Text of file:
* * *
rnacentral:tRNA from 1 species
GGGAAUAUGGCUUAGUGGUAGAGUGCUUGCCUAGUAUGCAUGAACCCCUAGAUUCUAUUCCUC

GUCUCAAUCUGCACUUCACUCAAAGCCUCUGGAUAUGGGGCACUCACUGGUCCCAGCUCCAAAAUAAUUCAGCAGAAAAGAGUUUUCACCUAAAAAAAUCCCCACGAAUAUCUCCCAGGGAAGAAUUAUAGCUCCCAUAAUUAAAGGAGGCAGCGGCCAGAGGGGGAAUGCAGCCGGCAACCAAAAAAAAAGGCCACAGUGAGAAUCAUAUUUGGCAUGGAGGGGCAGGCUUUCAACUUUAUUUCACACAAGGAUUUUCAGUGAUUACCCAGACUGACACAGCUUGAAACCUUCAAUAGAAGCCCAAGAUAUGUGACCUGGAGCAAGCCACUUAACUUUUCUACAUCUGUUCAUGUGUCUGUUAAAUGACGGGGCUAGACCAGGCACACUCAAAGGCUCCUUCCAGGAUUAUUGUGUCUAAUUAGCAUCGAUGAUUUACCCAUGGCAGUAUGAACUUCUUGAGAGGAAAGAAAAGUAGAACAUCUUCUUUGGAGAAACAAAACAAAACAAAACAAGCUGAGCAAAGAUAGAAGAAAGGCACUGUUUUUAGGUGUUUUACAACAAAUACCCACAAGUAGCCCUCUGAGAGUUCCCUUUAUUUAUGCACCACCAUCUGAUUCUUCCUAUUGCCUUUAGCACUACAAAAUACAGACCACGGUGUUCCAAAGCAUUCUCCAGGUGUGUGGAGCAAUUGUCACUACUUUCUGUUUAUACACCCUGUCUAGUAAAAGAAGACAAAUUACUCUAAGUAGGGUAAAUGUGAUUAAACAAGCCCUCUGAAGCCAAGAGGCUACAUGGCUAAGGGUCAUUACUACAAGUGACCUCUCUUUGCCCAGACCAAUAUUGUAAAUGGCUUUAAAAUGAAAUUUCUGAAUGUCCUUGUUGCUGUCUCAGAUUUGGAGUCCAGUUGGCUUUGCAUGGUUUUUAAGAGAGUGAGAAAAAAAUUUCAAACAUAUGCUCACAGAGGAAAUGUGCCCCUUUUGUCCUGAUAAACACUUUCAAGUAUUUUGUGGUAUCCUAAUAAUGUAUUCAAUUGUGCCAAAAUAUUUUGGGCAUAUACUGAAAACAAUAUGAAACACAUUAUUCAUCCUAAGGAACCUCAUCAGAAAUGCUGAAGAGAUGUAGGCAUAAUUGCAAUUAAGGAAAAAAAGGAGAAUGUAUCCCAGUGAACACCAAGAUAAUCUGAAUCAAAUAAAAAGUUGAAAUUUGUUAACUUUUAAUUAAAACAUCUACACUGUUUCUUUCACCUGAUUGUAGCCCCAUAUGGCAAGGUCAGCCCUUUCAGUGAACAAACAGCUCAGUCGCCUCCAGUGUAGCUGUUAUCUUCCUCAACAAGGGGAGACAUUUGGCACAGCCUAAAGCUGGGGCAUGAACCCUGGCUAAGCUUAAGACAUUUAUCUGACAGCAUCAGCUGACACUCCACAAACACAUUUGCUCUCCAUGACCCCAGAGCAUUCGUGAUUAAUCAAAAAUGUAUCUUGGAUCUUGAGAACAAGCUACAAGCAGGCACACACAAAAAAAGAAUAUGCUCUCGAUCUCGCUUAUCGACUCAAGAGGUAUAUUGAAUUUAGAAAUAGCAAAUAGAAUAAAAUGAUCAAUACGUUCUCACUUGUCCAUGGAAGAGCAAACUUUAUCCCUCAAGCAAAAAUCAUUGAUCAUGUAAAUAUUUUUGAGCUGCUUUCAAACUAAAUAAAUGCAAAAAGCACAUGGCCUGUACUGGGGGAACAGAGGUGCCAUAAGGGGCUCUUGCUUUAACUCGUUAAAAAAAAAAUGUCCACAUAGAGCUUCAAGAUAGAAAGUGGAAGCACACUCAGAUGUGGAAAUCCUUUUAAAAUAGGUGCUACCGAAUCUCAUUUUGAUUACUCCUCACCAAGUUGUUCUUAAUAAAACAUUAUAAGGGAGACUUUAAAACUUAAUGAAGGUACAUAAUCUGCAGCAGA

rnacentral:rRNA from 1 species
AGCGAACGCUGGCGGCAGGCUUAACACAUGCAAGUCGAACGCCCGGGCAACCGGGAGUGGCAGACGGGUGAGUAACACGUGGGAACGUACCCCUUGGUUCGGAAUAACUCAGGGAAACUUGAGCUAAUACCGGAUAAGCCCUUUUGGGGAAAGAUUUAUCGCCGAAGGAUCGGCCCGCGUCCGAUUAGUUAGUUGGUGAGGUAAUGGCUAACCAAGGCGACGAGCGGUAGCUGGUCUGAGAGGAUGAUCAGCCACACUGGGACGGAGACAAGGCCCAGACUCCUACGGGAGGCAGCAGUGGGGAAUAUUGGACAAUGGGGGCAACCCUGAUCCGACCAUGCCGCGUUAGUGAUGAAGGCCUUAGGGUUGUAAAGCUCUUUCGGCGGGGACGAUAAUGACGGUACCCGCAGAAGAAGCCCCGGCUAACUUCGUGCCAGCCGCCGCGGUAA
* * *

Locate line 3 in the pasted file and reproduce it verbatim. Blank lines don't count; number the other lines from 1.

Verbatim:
GUCUCAAUCUGCACUUCACUCAAAGCCUCUGGAUAUGGGGCACUCACUGGUCCCAGCUCCAAAAUAAUUCAGCAGAAAAGAGUUUUCACCUAAAAAAAUCCCCACGAAUAUCUCCCAGGGAAGAAUUAUAGCUCCCAUAAUUAAAGGAGGCAGCGGCCAGAGGGGGAAUGCAGCCGGCAACCAAAAAAAAAGGCCACAGUGAGAAUCAUAUUUGGCAUGGAGGGGCAGGCUUUCAACUUUAUUUCACACAAGGAUUUUCAGUGAUUACCCAGACUGACACAGCUUGAAACCUUCAAUAGAAGCCCAAGAUAUGUGACCUGGAGCAAGCCACUUAACUUUUCUACAUCUGUUCAUGUGUCUGUUAAAUGACGGGGCUAGACCAGGCACACUCAAAGGCUCCUUCCAGGAUUAUUGUGUCUAAUUAGCAUCGAUGAUUUACCCAUGGCAGUAUGAACUUCUUGAGAGGAAAGAAAAGUAGAACAUCUUCUUUGGAGAAACAAAACAAAACAAAACAAGCUGAGCAAAGAUAGAAGAAAGGCACUGUUUUUAGGUGUUUUACAACAAAUACCCACAAGUAGCCCUCUGAGAGUUCCCUUUAUUUAUGCACCACCAUCUGAUUCUUCCUAUUGCCUUUAGCACUACAAAAUACAGACCACGGUGUUCCAAAGCAUUCUCCAGGUGUGUGGAGCAAUUGUCACUACUUUCUGUUUAUACACCCUGUCUAGUAAAAGAAGACAAAUUACUCUAAGUAGGGUAAAUGUGAUUAAACAAGCCCUCUGAAGCCAAGAGGCUACAUGGCUAAGGGUCAUUACUACAAGUGACCUCUCUUUGCCCAGACCAAUAUUGUAAAUGGCUUUAAAAUGAAAUUUCUGAAUGUCCUUGUUGCUGUCUCAGAUUUGGAGUCCAGUUGGCUUUGCAUGGUUUUUAAGAGAGUGAGAAAAAAAUUUCAAACAUAUGCUCACAGAGGAAAUGUGCCCCUUUUGUCCUGAUAAACACUUUCAAGUAUUUUGUGGUAUCCUAAUAAUGUAUUCAAUUGUGCCAAAAUAUUUUGGGCAUAUACUGAAAACAAUAUGAAACACAUUAUUCAUCCUAAGGAACCUCAUCAGAAAUGCUGAAGAGAUGUAGGCAUAAUUGCAAUUAAGGAAAAAAAGGAGAAUGUAUCCCAGUGAACACCAAGAUAAUCUGAAUCAAAUAAAAAGUUGAAAUUUGUUAACUUUUAAUUAAAACAUCUACACUGUUUCUUUCACCUGAUUGUAGCCCCAUAUGGCAAGGUCAGCCCUUUCAGUGAACAAACAGCUCAGUCGCCUCCAGUGUAGCUGUUAUCUUCCUCAACAAGGGGAGACAUUUGGCACAGCCUAAAGCUGGGGCAUGAACCCUGGCUAAGCUUAAGACAUUUAUCUGACAGCAUCAGCUGACACUCCACAAACACAUUUGCUCUCCAUGACCCCAGAGCAUUCGUGAUUAAUCAAAAAUGUAUCUUGGAUCUUGAGAACAAGCUACAAGCAGGCACACACAAAAAAAGAAUAUGCUCUCGAUCUCGCUUAUCGACUCAAGAGGUAUAUUGAAUUUAGAAAUAGCAAAUAGAAUAAAAUGAUCAAUACGUUCUCACUUGUCCAUGGAAGAGCAAACUUUAUCCCUCAAGCAAAAAUCAUUGAUCAUGUAAAUAUUUUUGAGCUGCUUUCAAACUAAAUAAAUGCAAAAAGCACAUGGCCUGUACUGGGGGAACAGAGGUGCCAUAAGGGGCUCUUGCUUUAACUCGUUAAAAAAAAAAUGUCCACAUAGAGCUUCAAGAUAGAAAGUGGAAGCACACUCAGAUGUGGAAAUCCUUUUAAAAUAGGUGCUACCGAAUCUCAUUUUGAUUACUCCUCACCAAGUUGUUCUUAAUAAAACAUUAUAAGGGAGACUUUAAAACUUAAUGAAGGUACAUAAUCUGCAGCAGA